Sooner or later, sympathy must yield to logic and reason, so when Brandon's parents sued the bat's manufacturer, Louisville Slugger, and a jury awarded them $850,000, they contributed to the terribly misguided notion that behind every tragedy lies a lawsuit.
I haven't suffered what the Patches have suffered, and I pray that I never do. I understand that pursuing litigation gives them a sense that their son's random, pointless death was not so pointless.However, the idiocy demonstrated by a Helena, Mont., jury won't bring back Brandon Patch, won't prevent similar accidents in the future, but will lead to more decisions based primarily on lawsuit avoidance rather than common sense.
Patches sued Louisville Slugger's parent company for failure to place warning labels on their metal bats, arguing that metal bats are more dangerous that wooden bats.
Shouldn't plaintiffs be required to demonstrate that a warning label would have caused them to stop their son from playing in games in which metal bats were used?
Warning labels, however, are clearly not the answer. They are so ubiquitous that everyone but the most risk-averse routinely ignore them.
Most of us understand "assumption of risk" — the concept that each of us makes choices every day that could, in rare circumstances, result in death or serious injury. We understand until a lawyer dangles before our eyes the prospect of six-figure verdict — and all he wants is one-third of the action.
I prefer wooden bats to metal bats — not for safety reasons but because metal bats are a scourge on the game, much like the designated hitter. The "crack" of a wooden bat is as American as apple pie; the "ping" of a metal bat is as hollow as the taste of the $2.99 store-bought substitute.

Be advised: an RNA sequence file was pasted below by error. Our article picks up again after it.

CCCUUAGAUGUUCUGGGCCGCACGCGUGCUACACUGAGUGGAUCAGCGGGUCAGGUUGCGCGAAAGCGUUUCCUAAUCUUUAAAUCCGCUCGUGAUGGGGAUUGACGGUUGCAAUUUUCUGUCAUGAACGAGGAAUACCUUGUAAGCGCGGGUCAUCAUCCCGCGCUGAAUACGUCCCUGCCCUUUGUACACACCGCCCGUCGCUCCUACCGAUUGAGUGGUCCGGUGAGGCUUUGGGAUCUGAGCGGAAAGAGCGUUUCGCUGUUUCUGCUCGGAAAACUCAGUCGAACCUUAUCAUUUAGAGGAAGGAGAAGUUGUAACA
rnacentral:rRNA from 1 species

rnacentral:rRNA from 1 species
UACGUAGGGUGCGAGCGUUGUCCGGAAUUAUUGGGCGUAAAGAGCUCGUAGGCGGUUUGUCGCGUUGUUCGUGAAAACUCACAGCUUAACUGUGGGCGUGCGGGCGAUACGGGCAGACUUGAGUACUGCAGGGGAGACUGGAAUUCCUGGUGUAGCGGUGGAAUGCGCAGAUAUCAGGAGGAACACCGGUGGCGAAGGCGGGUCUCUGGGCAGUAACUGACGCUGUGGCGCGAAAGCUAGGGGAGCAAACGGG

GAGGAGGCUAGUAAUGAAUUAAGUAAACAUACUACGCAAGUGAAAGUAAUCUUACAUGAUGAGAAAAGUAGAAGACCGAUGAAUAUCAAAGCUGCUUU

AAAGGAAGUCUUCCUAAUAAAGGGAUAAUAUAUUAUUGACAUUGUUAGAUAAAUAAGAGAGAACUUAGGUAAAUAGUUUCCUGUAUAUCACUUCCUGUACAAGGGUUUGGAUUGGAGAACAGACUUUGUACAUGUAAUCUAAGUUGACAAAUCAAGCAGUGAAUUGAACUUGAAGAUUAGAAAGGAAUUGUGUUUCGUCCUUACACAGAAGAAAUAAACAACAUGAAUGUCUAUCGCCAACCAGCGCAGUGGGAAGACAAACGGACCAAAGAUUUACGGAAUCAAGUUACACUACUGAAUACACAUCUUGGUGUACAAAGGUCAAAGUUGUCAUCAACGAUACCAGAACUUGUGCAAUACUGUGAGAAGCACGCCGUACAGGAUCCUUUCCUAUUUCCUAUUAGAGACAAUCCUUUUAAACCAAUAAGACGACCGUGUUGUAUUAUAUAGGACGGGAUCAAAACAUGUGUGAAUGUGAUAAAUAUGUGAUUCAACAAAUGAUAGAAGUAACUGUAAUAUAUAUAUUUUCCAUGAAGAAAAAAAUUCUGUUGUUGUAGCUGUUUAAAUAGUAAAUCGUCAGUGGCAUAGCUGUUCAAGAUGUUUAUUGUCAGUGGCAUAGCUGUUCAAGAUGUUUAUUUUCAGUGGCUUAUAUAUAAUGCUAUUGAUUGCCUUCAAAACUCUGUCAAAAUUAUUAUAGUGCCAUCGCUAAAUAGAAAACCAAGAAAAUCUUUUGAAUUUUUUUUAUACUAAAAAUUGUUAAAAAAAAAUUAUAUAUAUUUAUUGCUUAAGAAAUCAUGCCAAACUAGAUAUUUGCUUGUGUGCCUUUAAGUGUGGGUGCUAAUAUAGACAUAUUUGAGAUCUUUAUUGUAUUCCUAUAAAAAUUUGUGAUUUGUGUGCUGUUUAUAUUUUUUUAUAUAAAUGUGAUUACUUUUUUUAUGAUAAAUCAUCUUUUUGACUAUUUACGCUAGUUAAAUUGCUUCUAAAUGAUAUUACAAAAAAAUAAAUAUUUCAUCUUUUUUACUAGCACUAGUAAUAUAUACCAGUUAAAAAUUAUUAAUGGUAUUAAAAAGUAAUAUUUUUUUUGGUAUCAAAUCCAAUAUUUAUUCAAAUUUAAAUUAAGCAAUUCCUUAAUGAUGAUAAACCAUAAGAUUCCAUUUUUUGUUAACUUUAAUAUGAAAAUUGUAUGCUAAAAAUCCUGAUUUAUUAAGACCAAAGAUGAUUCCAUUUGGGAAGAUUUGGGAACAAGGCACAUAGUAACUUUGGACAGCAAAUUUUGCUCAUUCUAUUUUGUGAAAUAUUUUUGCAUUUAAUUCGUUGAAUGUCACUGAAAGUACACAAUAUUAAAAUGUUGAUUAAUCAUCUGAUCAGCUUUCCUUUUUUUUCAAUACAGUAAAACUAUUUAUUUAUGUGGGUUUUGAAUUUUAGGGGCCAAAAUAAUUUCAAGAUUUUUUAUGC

A ball hit by a metal bat travels about 4 percent faster than one struck by a wooden bat, but would Brandon Patch be alive if he had .391 seconds instead of .376 seconds to react?
Even if the answer is yes, which is far from certain, the key legal question is whether a warning label would have caused the league to use wood bats or caused Brandon's parents to stop him from playing.
Wooden bats, too, are inherently dangerous because baseball is inherently dangerous. (USA Baseball reports 39 on-the-field fatalities, some caused by balls hit by wooden bats, from 1989 to 2006.) No doubt, bats made of foam rubber would be safer still.
Why didn't the Patches and their lawyer sue the batter? Or a coach? Or the catcher who called the pitch? Or the league that purchased metal bats rather than wooden ones? Each of those parties — though not at fault — was more directly involved in the events that led to Brandon's death than the manufacturer of the bat.
However, Louisville Slugger has deep pockets, and the other parties don't. Let's face it: for most personal injury lawyers, the answer is always money because they profit from their client's tragedy.
Moreover, the jurors — as is so often the case — focused only on this tragic case. Wanting to do something for the grieving family, the jury awarded $850,000 at the expense of a faceless, far-away corporation. The outcome — and certainly the amount — would have been different if the defendant had been a penniless recreation league or a player or coach who, like Brandon, happened to be in the wrong place at the wrong time.
Did the jury consider the impact of its decision on baseball leagues across the country? Next time a player is seriously injured or killed in a similar fashion, his family's lawyer will point to this case and say, "You knew metal bats were dangerous, but you used them anyway."
Unless this verdict is overturned, selection of bats won't be determined by schools, recreation leagues, coaches or parents, but by lawyers and courts. That's a sad way to play America's pastime.